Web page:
Here, the paper is fully upfront about its struggle:

… we recognise that there is a fundamental tension between the desire for recognition and support for professionalisation amongst many in the youth sector, and the risk of placing undue barriers in the way of volunteers and youth workers who do not have formal or validated qualifications. 

Here too, therefore, the paper at least recognises the dilemma in a way which some one-dimensional responses in the past have not. It also goes on to make practical proposals for dealing with it – such as: 

… we will establish a working group with the sector on how this will be achieved, with further consultation with the sector. 

voluntary youth workers (will be given) … the opportunity to become participants in the scheme at an appropriate level.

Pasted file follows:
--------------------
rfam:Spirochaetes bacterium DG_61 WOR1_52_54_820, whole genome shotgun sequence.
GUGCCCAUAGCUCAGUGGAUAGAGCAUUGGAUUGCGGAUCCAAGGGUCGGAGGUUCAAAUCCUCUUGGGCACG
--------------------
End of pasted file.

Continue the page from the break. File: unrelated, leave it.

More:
a set of criteria for Youth Work Volunteers and Youth Leaders (will be established) so that they … would be recognised in any national register. 

… and ambiguities – and evasions?

Within what is overall a searching analysis of and reassuring set of proposals for a future for open youth work, inevitably perhaps some issues remain unaddressed and even perhaps evaded. 

A very specific (and significant) one here is: so what future for the NCS under a Labour government? In a very bland way, alongside ‘sports clubs, art and drama groups, social enterprises, after school clubs (and) uniformed youth groups…’, the scheme is at one point simply listed as one of the ‘activities and opportunities … not traditionally considered part of the statutory youth sector’. We are also told (twice) that the ‘statutory youth service … (will) support National Citizens Service (NCS) accredited youth social action…’ What is not promised is the root-and-branch investigation which is now vital – and again long overdue – into the effectiveness and value-for-money of a programme which, according to the government’s own figures, has been absorbing 94 percent (some £634 million) of its ‘youth services’ funding and whose recruitment targets – which anyway it has consistently failed to meet – fall well short of what in the past was assumed for the multi-session youth work facilities based in young people’s own communities.